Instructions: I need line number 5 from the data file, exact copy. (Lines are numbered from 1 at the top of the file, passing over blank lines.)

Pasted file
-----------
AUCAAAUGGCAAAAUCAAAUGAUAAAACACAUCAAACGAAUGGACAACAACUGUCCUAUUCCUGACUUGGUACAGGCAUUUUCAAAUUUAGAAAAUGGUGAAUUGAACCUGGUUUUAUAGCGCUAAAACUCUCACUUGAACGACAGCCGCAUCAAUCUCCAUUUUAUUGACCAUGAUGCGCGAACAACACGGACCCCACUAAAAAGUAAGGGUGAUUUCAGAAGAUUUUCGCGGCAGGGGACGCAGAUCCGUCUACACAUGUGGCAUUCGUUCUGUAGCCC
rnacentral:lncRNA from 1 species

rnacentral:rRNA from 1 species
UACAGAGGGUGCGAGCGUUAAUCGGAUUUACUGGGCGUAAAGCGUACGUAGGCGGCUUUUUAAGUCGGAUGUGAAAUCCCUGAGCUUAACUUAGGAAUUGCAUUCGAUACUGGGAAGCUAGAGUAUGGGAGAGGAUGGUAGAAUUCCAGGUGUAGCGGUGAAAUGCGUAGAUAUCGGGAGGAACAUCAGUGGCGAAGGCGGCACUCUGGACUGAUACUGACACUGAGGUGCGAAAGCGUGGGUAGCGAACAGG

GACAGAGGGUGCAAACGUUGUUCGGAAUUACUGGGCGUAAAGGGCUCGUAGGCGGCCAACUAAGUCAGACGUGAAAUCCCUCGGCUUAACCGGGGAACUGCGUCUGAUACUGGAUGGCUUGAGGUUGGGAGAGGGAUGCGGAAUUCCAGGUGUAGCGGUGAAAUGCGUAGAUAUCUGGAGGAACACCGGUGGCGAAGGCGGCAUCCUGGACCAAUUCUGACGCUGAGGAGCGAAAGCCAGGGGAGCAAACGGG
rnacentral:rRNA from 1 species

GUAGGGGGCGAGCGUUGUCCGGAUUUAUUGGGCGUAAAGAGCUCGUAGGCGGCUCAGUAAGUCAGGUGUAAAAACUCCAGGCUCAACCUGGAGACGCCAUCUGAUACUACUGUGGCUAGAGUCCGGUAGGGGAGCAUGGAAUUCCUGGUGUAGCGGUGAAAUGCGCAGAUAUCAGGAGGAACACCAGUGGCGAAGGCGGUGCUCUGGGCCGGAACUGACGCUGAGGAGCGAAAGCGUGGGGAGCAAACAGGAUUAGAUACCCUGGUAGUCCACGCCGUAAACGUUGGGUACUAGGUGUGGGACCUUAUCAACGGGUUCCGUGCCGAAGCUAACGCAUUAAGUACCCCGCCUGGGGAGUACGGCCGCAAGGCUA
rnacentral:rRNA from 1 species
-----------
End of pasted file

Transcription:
GACAGAGGGUGCAAACGUUGUUCGGAAUUACUGGGCGUAAAGGGCUCGUAGGCGGCCAACUAAGUCAGACGUGAAAUCCCUCGGCUUAACCGGGGAACUGCGUCUGAUACUGGAUGGCUUGAGGUUGGGAGAGGGAUGCGGAAUUCCAGGUGUAGCGGUGAAAUGCGUAGAUAUCUGGAGGAACACCGGUGGCGAAGGCGGCAUCCUGGACCAAUUCUGACGCUGAGGAGCGAAAGCCAGGGGAGCAAACGGG